State Budget Practice Report Cards and Budget Resource Guide

Pennsylvania passed the revenue part of its fiscal 2018 budget four months late as lawmakers and the governor struggled to find ways to pay for $32 billion in planned spending. The impasse reflected a continuation of the fiscal stress that helped produce low grades in two of the five budgetary categories evaluated by the Volcker Alliance for fiscal 2015 through 2017.

The state got the lowest possible grade, D-minus, for its use of one-time maneuvers to balance the budget in 2017 and recorded a D average for all three years. Budgetary maneuvers include deferring recurring expenditures to future years, shifting expected future revenues into the current year, funding recurring expenditures with debt, and using asset sales or up-front revenues to help achieve balance. While the use of such devices can close current gaps, they may leave less cash available for future budgets.

Pennsylvania received an overall D-minus for its funding of legacy costs, which include public worker pensions and other postemployment benefits, principally health care. Its pension funding ratio—the amount of assets on hand relative to the plan’s obligations—was 56 percent, the fifth-lowest level among all states.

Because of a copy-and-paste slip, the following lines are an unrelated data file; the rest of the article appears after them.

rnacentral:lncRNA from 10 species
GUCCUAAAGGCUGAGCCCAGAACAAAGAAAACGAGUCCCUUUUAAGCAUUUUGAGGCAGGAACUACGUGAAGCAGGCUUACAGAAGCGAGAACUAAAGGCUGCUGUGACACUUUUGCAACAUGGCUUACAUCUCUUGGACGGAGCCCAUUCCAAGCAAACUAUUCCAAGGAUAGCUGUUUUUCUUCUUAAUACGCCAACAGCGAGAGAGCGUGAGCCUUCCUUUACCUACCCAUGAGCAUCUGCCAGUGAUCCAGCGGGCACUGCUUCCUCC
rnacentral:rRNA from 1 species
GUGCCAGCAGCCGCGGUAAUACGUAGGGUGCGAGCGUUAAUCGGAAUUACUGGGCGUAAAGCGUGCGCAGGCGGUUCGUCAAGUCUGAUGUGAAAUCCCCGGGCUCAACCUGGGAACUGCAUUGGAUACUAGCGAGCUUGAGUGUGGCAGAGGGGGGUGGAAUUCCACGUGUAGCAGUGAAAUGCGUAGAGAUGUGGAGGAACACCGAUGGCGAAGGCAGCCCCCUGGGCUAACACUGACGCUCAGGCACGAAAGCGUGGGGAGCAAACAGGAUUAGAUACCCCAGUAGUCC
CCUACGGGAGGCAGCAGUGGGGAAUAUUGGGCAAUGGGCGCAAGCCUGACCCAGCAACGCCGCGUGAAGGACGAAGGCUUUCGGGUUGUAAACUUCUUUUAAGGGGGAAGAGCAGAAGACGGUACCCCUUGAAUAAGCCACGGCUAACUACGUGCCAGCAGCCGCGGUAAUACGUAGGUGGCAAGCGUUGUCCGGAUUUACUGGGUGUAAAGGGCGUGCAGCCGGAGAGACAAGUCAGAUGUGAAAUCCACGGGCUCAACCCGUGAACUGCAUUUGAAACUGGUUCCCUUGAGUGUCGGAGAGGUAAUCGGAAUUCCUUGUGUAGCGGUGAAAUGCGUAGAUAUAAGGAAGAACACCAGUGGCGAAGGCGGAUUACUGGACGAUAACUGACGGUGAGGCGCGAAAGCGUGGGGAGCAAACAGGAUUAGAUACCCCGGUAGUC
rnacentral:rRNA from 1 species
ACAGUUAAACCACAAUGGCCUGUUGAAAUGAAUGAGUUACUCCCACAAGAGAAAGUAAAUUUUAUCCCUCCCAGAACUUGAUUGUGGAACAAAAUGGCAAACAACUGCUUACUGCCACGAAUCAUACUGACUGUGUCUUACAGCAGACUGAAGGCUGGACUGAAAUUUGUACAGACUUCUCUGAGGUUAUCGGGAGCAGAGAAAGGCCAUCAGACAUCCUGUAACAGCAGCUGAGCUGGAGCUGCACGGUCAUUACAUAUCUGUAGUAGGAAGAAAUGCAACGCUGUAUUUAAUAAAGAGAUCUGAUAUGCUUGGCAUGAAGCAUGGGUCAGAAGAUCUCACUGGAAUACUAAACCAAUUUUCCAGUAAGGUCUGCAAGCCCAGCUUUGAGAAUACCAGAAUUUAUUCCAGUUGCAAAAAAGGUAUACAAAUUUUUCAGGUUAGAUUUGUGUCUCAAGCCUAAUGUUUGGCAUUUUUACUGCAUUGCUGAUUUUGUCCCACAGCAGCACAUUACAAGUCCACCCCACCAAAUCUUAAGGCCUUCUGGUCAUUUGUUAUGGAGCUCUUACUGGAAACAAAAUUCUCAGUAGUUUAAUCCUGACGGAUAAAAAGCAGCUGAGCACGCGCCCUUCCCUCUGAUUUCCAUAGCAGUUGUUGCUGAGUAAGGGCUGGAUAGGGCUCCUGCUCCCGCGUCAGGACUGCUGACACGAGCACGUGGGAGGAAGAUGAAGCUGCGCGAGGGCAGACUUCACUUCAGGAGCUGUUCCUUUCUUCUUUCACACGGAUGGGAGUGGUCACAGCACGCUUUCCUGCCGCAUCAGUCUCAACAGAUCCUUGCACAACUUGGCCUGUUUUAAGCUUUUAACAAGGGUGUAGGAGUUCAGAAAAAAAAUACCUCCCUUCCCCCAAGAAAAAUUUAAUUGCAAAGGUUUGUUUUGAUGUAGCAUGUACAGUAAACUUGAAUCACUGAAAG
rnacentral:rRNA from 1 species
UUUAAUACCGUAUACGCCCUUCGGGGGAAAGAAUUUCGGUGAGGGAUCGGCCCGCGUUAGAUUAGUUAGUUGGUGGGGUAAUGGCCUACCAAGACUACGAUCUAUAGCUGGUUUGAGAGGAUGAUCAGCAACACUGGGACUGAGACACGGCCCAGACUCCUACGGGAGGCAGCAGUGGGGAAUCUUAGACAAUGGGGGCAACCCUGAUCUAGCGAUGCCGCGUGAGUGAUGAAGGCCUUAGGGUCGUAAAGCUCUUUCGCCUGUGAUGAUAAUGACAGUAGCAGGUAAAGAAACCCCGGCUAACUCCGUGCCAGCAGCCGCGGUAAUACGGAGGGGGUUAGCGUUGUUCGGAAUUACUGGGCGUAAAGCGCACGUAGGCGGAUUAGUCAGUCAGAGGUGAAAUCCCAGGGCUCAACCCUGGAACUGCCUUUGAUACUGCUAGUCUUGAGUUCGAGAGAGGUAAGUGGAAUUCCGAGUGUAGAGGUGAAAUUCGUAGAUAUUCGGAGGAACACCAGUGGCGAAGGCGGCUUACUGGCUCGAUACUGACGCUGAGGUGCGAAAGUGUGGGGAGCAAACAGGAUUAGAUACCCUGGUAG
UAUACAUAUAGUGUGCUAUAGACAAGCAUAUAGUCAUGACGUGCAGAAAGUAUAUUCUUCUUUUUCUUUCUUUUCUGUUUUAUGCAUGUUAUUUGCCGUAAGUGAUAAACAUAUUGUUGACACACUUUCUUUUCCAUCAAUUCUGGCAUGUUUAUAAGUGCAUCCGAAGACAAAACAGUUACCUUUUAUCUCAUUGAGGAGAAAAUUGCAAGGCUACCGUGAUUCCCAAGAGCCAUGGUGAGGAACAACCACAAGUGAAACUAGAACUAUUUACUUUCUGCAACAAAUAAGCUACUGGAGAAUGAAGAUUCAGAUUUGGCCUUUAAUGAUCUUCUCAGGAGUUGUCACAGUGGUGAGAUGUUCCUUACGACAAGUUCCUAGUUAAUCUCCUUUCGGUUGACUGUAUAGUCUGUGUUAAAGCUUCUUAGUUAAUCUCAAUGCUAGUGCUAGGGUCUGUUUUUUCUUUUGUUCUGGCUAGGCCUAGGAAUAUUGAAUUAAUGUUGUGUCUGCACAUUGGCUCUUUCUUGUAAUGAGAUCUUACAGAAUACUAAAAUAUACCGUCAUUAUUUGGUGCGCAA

The state, which produces reasonably clear budgets and accompanying documents, earned straight B’s in transparency. Pennsylvania averaged a B in budget forecasting by adhering to best practices, such as producing multiyear revenue and expenditure forecasts. The grade was reduced in part by the lack of consensus revenue forecasts. These estimates, which typically include input from at least the executive and legislative branches, can help focus budget debates on expenditures rather the amount available to spend.

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To emphasize the need for clear and comprehensible budgets to inform citizens, promote responsible policymaking, and improve fiscal stability, the Volcker Alliance in 2016 began a study of budgetary and financial reporting practices of all fifty states. The Volcker Alliance’s mission is to improve the effectiveness of the administration of government at all levels. Making state budgeting more transparent and accountable is an important part of that goal.

The report cards presented here are taken from the 2017 Volcker Alliance report, Truth and Integrity in State Budgeting: What Is the Reality? which proposes a set of best practices for policymakers. For those wishing to gain greater insight into state fiscal issues, the accompanying budget resource guide is derived from the Alliance publication State Budget Sources: An Annotated Guide to State Budgets, Financial Reports, and Fiscal Analyses (2016). 

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